The Physician Who Knew Too Much: A Comment on Watters v White
Health Law Journal, Annual, 2014, Vol. 21, p1. 27 p.
27 Pages Posted: 1 Aug 2015 Last revised: 7 Aug 2015
Date Written: July 22, 2015
With the sequencing of the human genome in 2003, the role of medical genetics in health care continues to expand. While allowing for new opportunities, especially in personalised medicine, this developing field also creates uncertainty about the duties physicians owe their patients. An area of particular controversy is the scope of the physician's duty to inform relatives of a patient of potentially important genetic information. The 2010 Quebec Superior Court decision Liss v Watters dealt with such an issue. The central allegation in this case was that two physicians failed to inform the mother and relatives of a patient affected by a genetic condition of their carrier status. In this case, the Quebec Court of Appeal ultimately concluded that the duty to inform could not be expanded without undermining the physician's duty to uphold professional secrecy. While the alleged faults in this case took place decades ago, Watters v White poses key questions about physician duties to communicate genetic information. First and foremost, does a physician have a duty to inform patients' relatives of serious genetic risks? If so, what is the scope of this duty? What sorts of genetic risks must be communicated? Which relatives should be informed? Does physician-patient confidentiality bar such communications? If so, must physicians seek alternative means to ensure that at-risk individuals are informed? Important issues of causation also arise in Watters v White. This case commentary begins by outlining the facts of this case. Next, the reasoning and conclusions of both the trial and Court of Appeal judgments are discussed. The commentary concludes with a discussion of the implications of this case for physicians in today's rapidly evolving genetic milieu.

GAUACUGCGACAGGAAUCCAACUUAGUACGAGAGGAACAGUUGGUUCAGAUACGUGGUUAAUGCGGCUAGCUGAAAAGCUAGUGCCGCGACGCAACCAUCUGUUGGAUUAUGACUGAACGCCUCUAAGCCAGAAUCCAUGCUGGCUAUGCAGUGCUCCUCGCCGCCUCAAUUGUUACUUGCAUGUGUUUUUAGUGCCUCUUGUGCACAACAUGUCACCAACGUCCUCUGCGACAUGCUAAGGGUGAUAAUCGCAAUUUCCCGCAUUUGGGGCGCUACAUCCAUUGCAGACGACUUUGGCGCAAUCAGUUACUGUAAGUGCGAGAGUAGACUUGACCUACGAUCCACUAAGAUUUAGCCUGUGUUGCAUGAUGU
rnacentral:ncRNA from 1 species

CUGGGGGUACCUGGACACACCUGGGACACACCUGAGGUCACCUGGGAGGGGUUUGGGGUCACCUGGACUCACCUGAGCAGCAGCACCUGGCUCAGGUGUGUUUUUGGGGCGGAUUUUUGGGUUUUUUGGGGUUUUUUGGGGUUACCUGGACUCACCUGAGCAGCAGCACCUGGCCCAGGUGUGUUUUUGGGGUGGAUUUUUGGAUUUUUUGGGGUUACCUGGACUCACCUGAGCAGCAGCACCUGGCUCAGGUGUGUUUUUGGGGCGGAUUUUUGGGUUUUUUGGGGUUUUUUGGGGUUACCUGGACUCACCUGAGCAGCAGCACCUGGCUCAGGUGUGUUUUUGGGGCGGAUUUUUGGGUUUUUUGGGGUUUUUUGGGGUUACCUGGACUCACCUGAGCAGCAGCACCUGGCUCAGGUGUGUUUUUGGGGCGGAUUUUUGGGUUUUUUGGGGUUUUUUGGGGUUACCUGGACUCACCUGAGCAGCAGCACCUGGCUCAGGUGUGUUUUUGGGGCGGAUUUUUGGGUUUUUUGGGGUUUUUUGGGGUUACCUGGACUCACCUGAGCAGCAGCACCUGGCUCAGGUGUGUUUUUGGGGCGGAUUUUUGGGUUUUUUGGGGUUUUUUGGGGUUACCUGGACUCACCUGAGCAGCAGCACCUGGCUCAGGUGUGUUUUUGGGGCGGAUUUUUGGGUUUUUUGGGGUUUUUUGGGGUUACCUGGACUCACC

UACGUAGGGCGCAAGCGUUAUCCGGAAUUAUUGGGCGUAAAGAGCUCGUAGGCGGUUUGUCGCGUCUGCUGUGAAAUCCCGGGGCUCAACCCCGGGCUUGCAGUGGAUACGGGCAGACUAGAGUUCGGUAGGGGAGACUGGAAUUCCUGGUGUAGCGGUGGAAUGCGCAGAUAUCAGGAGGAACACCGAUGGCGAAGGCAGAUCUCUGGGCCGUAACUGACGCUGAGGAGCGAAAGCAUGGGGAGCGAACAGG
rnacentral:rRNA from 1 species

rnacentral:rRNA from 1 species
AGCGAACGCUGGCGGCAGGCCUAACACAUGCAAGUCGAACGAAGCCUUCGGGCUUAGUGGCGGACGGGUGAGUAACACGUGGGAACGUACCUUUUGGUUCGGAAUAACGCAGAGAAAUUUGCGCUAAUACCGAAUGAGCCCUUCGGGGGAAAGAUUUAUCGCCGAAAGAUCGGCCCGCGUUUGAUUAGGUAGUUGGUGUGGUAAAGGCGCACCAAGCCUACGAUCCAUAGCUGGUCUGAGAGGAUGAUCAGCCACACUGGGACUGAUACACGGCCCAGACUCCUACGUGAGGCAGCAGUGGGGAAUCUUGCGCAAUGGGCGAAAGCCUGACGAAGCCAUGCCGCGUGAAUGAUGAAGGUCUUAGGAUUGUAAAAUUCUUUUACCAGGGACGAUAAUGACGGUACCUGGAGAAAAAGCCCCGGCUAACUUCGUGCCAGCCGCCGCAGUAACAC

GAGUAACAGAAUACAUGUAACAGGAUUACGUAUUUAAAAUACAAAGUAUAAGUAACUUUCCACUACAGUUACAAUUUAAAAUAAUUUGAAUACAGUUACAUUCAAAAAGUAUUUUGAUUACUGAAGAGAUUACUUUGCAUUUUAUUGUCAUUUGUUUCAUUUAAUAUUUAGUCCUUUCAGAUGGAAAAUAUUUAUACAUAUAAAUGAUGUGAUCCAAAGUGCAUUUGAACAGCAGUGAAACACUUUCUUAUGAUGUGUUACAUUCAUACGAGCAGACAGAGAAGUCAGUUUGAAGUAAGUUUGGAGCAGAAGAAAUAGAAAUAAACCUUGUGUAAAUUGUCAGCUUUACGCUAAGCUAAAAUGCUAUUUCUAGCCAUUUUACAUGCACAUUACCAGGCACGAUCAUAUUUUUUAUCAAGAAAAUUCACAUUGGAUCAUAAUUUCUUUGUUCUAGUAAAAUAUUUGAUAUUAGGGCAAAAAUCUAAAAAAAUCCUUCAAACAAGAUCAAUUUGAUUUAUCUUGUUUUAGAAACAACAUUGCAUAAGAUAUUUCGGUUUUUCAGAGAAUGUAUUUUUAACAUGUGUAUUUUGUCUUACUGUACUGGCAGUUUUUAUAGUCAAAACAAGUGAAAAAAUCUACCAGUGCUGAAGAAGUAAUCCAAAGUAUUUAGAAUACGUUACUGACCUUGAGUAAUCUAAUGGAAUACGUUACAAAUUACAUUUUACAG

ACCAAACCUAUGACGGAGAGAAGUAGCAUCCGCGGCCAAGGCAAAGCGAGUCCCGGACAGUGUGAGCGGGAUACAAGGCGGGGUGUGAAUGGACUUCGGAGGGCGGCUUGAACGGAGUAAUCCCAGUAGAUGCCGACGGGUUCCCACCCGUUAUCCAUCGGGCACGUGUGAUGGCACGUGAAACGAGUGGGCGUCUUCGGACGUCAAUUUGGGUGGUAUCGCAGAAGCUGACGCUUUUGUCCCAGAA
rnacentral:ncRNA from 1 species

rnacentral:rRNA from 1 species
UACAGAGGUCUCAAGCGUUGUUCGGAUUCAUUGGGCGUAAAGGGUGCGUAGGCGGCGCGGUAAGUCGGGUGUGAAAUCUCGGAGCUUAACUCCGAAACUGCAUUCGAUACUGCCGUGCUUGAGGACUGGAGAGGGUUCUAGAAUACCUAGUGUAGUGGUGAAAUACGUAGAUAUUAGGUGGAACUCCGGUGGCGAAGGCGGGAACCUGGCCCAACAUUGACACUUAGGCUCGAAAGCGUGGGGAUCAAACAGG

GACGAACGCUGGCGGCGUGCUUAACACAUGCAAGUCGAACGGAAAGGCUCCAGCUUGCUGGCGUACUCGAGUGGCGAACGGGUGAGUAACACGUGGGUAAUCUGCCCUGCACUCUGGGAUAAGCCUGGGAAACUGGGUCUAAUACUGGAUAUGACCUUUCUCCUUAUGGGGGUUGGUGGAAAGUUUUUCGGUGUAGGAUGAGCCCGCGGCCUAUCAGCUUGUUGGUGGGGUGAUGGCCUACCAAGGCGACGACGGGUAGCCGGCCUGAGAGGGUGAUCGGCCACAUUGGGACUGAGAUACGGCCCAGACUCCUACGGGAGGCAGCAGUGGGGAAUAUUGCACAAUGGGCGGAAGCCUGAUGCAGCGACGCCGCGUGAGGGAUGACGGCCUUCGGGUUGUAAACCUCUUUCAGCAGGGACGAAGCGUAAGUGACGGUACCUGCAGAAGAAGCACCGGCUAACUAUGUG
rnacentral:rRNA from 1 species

Keywords: Medical Genetics, Physician, Genetic Information, Watters v White, Court judgment, Informing the patient, Communicating genetic information, Sex-linked Disorder
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